Road Pricing book cover

Road Pricing

Theory and Evidence

Traffic congestion affects towns and cities everywhere and in some places it is regarded as one of the most urgent and important problems in need of a solution. Road pricing is undoubtedly recognised as an effective traffic demand management tool. The recent London congestion charging scheme seems to be showing that public and political opposition is not insurmountable. Thus, the ghost that prevented the introduction of a policy supported by transport economists for over 80 years seems to have disappeared or at least, weakened.The book contains twelve papers useful to different types of audience, such as researchers and postgraduate students, civil servants, policy makers and consultants. The first part is mainly theoretical and concentrates on second-best congestion pricing including pricing in urban contexts, the impact on the performance of the road network, optimal locations and charge levels, dynamic aspects such as time variation of tolls, potential impacts of road pricing on costs and service quality of public transport buses, and efficiency costs and transport sector effects of different types of pricing when they guarantee a balanced budget per mode.The second part contains chapters that describe the schemes in place around the world such as Singapore, Norway, London, and the US. The volume is an update of the state of the art on the subject and the first one to have been written and appear after the London scheme was implemented and to contain an assessment of its preliminary impacts.

Audience
Researchers and postgraduate students in transportation, civil servants, policy makers and consultant.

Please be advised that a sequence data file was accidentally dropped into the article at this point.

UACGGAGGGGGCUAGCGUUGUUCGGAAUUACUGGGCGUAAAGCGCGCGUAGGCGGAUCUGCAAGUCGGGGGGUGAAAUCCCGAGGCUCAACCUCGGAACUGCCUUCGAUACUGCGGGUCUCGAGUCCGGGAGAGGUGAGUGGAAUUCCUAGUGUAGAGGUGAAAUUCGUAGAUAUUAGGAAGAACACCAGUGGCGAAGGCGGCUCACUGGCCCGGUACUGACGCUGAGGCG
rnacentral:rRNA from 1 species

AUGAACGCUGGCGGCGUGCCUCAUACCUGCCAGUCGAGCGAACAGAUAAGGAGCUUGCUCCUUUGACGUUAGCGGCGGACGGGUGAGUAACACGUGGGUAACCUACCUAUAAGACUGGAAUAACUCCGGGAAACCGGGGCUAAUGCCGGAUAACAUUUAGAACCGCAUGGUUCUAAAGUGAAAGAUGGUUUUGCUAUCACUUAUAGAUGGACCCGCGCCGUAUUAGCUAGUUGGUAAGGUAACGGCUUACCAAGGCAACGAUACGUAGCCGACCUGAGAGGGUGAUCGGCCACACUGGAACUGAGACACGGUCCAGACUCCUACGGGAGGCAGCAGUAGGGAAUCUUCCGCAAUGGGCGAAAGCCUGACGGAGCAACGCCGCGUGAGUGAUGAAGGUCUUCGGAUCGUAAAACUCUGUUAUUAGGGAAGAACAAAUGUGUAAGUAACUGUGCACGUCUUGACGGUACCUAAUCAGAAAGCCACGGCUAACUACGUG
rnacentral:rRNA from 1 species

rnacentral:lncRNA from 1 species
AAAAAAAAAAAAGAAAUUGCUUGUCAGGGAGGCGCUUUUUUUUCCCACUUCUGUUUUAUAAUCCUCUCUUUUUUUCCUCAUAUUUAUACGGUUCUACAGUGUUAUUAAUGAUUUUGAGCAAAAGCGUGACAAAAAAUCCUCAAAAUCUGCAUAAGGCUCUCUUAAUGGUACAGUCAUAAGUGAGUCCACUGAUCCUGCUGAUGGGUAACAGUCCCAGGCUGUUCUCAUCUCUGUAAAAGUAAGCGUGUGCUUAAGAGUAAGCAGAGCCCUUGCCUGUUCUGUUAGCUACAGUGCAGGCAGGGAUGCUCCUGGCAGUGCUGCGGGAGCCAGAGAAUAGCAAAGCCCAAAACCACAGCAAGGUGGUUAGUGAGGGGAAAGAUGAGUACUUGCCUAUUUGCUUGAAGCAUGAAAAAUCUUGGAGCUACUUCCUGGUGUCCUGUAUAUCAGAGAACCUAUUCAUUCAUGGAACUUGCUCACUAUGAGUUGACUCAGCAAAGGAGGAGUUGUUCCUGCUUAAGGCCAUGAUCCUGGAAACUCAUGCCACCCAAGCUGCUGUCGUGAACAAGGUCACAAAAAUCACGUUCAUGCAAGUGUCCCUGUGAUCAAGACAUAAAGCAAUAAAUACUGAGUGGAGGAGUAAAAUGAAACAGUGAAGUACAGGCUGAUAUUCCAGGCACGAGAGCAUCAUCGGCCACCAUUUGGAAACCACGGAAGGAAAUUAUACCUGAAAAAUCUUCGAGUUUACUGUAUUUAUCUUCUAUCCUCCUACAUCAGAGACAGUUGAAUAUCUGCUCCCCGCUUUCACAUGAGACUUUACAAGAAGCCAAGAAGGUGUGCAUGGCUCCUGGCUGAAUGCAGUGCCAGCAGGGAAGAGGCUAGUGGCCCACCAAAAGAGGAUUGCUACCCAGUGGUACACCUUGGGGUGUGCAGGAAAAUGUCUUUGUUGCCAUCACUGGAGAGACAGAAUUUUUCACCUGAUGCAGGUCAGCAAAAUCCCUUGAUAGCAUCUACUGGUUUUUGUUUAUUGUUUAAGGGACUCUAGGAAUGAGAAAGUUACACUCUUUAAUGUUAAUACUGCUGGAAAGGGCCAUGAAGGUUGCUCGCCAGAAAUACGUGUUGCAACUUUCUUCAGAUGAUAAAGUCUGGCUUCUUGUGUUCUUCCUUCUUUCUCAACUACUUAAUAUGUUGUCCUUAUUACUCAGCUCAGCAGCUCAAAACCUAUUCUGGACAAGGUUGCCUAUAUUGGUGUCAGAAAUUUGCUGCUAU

Hardbound, 324 Pages

Published: July 2004

Imprint: Jai Press (elsevier)

ISBN: 978-0-7623-0968-9

Contents

  • Theory. The Rationale for Road Pricing: Standard Theory and Latest Advances. (K.J. Button). Second-Best Marginal Cost Pricing for Imperfect Substitutes in Urban Networks. (J. Rouwendal, E.T. Verhoef). The Impact on Network Performance of Drivers’ Response to Alternative Road Pricing Schemes. (A. May, D. Milne). Optimal Locations and Charges for Cordon Schemes. (A. May, S. Shepherd, Agachai Sumalee). Time-Varying Road Pricing and Choice of Toll Locations. (A. de Palma, R. Lindsay, E. Quinet). Road Pricing and Public Transport.(K.A. Small). Marginal Social Cost Pricing for all Transport Modes and the Effects of Modal Budget Constraints. (S. Proost, K. Van Dender). Evidence. Transport Policies in Singapore.(G. Santos, Wai Wing Li, W.H. Koh). Norwegian Urban Tolls. (F. Ramjerdi, H. Minken, K. Østmoe). Road Pricing in the UK. (G. Santos). The US Experience: Pilot Projects. (P. DeCorla-Souza).Welfare and Distributional Effects of Road Pricing Schemes for Metropolitan Washington DC.(E. Safirova et al.).

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